Monday, February 4, 2008
Desert Elephants of Namibia
I have a relative, Dr Keith Leggett, who has spent the past several years doing valuable research on the wonderful Elephants of Namibia.
These elephants live the harshest conditions imaginable:-
Quote "Hoanib and Hoarusib River Catchments, Northwestern Namibia — Running from Etosha National Park in the east to Skeleton Coast National Park in the west, 12 ephemeral rivers form linear oases through this semiarid stretch of the Namib Desert.
Populations of elephants have increased in the region, where less than 6 percent of the land is protected as wildlife habitat, spurring more frequent conflicts with humans. A growing system of community-level conservancies is the best chance that wildlife here has for survival in the harsh environment. Communities are learning to view elephants as economic assets, but they need information about their local ecology to manage them effectively and avoid conflicts".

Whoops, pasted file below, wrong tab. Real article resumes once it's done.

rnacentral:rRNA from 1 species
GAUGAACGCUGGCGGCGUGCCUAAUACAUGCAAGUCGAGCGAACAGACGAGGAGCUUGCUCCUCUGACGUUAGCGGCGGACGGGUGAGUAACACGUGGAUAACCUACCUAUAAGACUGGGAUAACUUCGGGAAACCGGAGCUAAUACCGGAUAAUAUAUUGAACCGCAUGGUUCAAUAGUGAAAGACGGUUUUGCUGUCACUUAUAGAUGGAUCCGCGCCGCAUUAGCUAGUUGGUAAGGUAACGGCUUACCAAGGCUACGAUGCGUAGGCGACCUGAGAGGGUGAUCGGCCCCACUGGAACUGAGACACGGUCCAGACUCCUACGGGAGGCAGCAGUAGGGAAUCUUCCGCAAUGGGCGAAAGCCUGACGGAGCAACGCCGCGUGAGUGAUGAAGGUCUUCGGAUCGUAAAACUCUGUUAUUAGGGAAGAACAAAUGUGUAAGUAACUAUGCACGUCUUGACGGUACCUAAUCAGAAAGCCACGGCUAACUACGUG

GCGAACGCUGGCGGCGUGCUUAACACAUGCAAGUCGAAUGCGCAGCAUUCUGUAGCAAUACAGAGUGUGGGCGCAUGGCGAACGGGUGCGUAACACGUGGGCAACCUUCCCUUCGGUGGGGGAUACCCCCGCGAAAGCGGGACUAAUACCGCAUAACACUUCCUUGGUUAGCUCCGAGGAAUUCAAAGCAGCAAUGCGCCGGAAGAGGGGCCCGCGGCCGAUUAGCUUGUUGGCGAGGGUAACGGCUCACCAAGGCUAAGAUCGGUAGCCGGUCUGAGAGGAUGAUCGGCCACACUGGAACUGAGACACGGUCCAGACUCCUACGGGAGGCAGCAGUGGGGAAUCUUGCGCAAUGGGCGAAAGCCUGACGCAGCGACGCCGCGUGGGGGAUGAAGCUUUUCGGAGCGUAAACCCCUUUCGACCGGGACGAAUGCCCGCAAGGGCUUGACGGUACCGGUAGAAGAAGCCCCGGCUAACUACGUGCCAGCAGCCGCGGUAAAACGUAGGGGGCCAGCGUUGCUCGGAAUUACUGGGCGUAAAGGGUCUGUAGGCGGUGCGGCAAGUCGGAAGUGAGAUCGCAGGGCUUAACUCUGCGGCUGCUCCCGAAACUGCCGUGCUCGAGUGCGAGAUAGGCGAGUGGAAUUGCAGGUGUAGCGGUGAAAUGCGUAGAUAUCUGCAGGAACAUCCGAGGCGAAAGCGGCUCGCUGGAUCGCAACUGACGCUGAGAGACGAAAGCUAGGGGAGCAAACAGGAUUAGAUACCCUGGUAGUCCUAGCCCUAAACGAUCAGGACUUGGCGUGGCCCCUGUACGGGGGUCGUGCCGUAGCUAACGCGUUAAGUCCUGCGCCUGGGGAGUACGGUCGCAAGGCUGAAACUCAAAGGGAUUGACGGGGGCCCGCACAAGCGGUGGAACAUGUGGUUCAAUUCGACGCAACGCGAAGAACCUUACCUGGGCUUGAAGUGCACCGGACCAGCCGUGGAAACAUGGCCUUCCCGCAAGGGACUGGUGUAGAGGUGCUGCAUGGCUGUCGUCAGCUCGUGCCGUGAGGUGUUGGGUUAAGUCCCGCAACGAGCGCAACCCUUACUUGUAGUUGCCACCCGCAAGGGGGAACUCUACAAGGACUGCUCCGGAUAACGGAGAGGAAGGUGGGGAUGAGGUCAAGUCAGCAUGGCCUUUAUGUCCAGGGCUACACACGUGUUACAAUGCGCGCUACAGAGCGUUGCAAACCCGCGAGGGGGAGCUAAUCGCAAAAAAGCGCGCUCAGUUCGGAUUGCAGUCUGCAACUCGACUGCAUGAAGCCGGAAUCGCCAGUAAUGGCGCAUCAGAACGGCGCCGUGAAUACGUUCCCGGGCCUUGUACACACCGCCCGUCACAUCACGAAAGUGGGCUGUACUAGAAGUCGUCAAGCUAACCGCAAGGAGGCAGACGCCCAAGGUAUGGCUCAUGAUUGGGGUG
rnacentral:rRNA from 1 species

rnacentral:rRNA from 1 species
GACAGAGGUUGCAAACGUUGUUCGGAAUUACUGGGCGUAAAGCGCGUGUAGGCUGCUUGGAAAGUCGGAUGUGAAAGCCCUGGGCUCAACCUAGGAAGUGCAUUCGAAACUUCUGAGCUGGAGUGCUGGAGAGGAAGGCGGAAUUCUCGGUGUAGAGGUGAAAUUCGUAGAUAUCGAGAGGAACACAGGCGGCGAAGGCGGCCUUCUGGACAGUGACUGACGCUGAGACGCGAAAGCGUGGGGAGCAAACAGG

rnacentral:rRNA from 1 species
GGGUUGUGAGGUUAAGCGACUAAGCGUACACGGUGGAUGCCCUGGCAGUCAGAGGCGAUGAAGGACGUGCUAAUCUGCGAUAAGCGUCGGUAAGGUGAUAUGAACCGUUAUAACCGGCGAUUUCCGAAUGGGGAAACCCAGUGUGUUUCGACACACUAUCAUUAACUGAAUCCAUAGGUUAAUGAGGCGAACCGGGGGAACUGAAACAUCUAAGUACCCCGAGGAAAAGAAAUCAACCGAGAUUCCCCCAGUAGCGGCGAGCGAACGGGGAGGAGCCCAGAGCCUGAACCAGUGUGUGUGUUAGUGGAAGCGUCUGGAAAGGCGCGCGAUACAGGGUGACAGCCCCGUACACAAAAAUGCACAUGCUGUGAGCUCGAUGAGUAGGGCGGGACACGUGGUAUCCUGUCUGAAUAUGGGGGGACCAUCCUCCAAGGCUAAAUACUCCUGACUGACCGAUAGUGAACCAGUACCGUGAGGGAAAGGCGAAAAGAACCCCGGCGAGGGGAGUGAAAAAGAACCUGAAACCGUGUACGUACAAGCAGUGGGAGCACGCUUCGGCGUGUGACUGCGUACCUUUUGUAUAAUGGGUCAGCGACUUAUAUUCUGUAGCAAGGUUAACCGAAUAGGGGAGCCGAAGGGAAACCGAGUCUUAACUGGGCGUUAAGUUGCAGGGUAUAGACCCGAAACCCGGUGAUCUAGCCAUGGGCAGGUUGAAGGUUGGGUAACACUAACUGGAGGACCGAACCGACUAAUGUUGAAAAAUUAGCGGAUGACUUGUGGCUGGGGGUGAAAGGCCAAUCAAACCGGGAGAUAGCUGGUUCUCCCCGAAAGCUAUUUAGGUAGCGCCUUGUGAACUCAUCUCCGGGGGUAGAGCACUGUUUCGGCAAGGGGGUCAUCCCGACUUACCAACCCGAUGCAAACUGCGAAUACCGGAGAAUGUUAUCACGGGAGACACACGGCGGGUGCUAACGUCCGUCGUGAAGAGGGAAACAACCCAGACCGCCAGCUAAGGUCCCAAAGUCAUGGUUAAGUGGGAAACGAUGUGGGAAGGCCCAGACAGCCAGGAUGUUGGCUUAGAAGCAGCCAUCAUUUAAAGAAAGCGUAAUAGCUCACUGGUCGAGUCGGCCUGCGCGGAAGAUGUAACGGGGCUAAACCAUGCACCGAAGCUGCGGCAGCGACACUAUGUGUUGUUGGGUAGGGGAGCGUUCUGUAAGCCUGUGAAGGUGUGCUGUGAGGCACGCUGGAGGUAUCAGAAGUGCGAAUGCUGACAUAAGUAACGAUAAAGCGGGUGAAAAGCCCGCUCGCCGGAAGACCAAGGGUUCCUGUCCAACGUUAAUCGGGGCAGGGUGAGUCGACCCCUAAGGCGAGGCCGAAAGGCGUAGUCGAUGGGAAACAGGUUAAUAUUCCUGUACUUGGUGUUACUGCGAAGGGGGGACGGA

Namibia has been described as the land god created in anger and this is probably a pretty fair description of the environment. Drought is a common event here in Namibia's northwest and can have devastating effects on wildlife and domestic stock populations. However, throughout this unforgiving environment there is the miracle of life and surprisingly, a variety of large mammals have adapted to it. You can help contribute to the long-term sustainability of both human communities and wildlife here.
Funding for this valuable work has runout and is not secured for next year. If you would like to help then you can contact Keith via myself.
Dr Keith Leggett at work.
Photos courtesy of Earthwatch.